Crayon wood puddy for nail holes

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Forum topic by Eric posted 01-15-2012 02:24 AM 6876 views 1 time favorited 9 replies Add to Favorites Watch
View Eric's profile


221 posts in 2534 days

01-15-2012 02:24 AM

Anyone every use a crayon to fill nail holes when reusing trim pieces?

Does it dry out? Does it hold up well over time?


-- Eric

9 replies so far

View chrisstef's profile


17423 posts in 3029 days

#1 posted 01-15-2012 03:43 AM

I kinda feel like those crayons shrink up on you after it dries leaving you with a little divot. I go with mixing some sawdust of the same species and some glue into a paste and filling them like that.

-- Its not a crack, its a casting imperfection.

View Eric's profile


221 posts in 2534 days

#2 posted 01-15-2012 04:23 AM

I don’t have saw dust. I’m re-using the same trim I just took off. The trim was cut to size in 1985. Haha. Plus the trim is already finished so I don’t want to sand the sawdust putty flush marring the finish.

Oh.. and by crayon, I mean real crayon as in Crayola. I’ve heard some folks do this but I don’t know the effects long term.

-- Eric

View jusfine's profile


2422 posts in 2949 days

#3 posted 01-15-2012 04:29 AM

I have used them some time ago with success. Not in the last few years, maybe they have changed and the shrinkage chrisstef mentions is more accurate.

They did match quit e well for color.

-- Randy "You are judged as much by the questions you ask as the answers you give..."

View a1Jim's profile


117115 posts in 3600 days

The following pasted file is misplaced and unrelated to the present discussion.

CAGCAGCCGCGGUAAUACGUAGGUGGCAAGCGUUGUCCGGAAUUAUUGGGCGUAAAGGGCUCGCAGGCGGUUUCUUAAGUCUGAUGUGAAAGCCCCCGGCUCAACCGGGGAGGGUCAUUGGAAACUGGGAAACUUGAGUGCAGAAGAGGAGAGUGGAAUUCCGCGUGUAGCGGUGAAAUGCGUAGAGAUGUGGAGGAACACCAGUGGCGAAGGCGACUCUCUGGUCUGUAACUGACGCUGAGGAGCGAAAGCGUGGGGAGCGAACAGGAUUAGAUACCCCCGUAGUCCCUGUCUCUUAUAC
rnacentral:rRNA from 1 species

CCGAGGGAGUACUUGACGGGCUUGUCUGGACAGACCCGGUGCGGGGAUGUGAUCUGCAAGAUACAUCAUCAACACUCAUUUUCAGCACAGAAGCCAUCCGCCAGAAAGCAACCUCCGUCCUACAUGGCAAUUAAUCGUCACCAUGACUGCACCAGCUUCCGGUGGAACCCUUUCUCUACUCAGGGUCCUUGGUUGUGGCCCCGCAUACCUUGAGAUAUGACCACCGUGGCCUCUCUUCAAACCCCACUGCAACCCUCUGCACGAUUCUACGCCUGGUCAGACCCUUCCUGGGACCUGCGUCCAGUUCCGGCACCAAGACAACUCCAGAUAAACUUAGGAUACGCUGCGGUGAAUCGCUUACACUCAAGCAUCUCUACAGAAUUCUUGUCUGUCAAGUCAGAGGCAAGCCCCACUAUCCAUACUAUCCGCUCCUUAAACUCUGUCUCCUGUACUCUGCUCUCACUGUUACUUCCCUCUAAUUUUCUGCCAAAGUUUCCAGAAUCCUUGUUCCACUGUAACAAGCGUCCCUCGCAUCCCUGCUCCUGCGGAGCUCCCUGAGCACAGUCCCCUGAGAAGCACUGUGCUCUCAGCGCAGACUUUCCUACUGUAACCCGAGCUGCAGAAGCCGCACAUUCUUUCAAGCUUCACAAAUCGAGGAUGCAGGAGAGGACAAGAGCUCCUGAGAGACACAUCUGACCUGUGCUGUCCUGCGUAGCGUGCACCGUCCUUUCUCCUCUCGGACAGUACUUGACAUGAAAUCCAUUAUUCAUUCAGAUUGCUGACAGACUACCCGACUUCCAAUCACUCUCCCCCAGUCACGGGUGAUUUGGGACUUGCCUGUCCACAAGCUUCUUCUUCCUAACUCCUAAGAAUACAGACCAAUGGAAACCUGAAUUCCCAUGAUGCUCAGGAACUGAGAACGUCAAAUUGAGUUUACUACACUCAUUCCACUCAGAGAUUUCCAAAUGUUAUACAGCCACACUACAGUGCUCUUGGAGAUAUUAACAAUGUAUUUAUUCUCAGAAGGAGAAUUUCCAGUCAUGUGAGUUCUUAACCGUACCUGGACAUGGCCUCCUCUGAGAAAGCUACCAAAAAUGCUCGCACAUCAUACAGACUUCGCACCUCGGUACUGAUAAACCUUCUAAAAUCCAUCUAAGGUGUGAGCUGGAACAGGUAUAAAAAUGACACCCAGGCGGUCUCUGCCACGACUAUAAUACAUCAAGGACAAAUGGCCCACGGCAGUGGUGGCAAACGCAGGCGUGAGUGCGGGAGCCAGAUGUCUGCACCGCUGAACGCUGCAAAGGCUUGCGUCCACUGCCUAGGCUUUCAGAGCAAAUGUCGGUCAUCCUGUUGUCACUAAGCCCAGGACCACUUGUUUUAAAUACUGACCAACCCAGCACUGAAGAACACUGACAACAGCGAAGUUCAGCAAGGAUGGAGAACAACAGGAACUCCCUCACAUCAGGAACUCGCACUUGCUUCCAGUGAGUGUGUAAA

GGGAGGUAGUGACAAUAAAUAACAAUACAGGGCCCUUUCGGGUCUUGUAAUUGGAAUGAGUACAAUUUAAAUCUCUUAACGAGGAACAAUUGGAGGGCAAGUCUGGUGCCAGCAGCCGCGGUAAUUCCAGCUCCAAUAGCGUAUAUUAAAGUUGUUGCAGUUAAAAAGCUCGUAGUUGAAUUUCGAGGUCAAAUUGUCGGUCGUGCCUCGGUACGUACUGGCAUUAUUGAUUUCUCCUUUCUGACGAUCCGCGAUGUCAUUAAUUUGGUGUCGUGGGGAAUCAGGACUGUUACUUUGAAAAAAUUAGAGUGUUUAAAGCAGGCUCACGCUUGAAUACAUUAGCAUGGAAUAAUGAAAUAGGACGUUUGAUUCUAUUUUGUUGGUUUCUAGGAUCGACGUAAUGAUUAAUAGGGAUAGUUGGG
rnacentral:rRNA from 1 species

#4 posted 01-15-2012 05:41 AM

I’ve used them with out problems.The’re mostly wax with color.

-- wood crafting & woodworking classes

View ,'s profile


2387 posts in 3570 days

#5 posted 01-15-2012 06:03 AM

That seems to be a good idea. I use glaze that i custom dye with mixol to match whatever finish i have. It works very well.

-- .

View IrreverentJack's profile


727 posts in 2866 days

#6 posted 01-15-2012 06:52 AM

The Minwax Blen-fil Pencils (crayons) work great. Use them after the finish has been put on. Rub the wax into the nail holes and wipe/polish off the excess. Use different colors to match grain. Doing punch-list work, I’ve had to drill out filler used by installers and use Blend-fil sticks so nail holes would be unnoticeable. -Jack

View ShopTinker's profile


884 posts in 2791 days

#7 posted 01-16-2012 03:15 PM

I’ve used the Minwax crayons as well. I patched some pretty bad teeth marks in baseboard moldings. We left our dog home alone for a couple of hours, on the first 4th of July that we had her, and when we returned she was chewing the baseboard on the outer corner of the kitchen counter/bar and the moldings in an entryway. (She was scared by the neighbors fireworks.) I replaced a couple of real small molding pieces and patched the others.

I used a razor knife to work the wax into the scratches and to insert small slivers of darker color into the background color to match the grain. It worked exceptionally well. That was 12 years ago and the repair is still completely unnoticeable.

-- Dan - Valparaiso, Indiana, "A smart man changes his mind, a fool never does."

View dannelson's profile


193 posts in 2394 days

#8 posted 01-16-2012 03:54 PM

Try using a burn in kit . its a small wood burner tipe iron with a small spatula. and you mix and melt the colors you need . with a little practice you can do wonders. last year a contractor drilled 58 peep holes at the wrong height and I filled them back in wilth great results. It was alot cheaper than buying a new door, hanging it and finishing.

-- nelson woodcrafters

View Bill White's profile

Bill White

4948 posts in 3983 days

#9 posted 01-16-2012 06:50 PM

SoftWax by FastCap is the trim carpenter’s choice. I keep a kit in the shop. Look it up ‘cause it is the right stuff.


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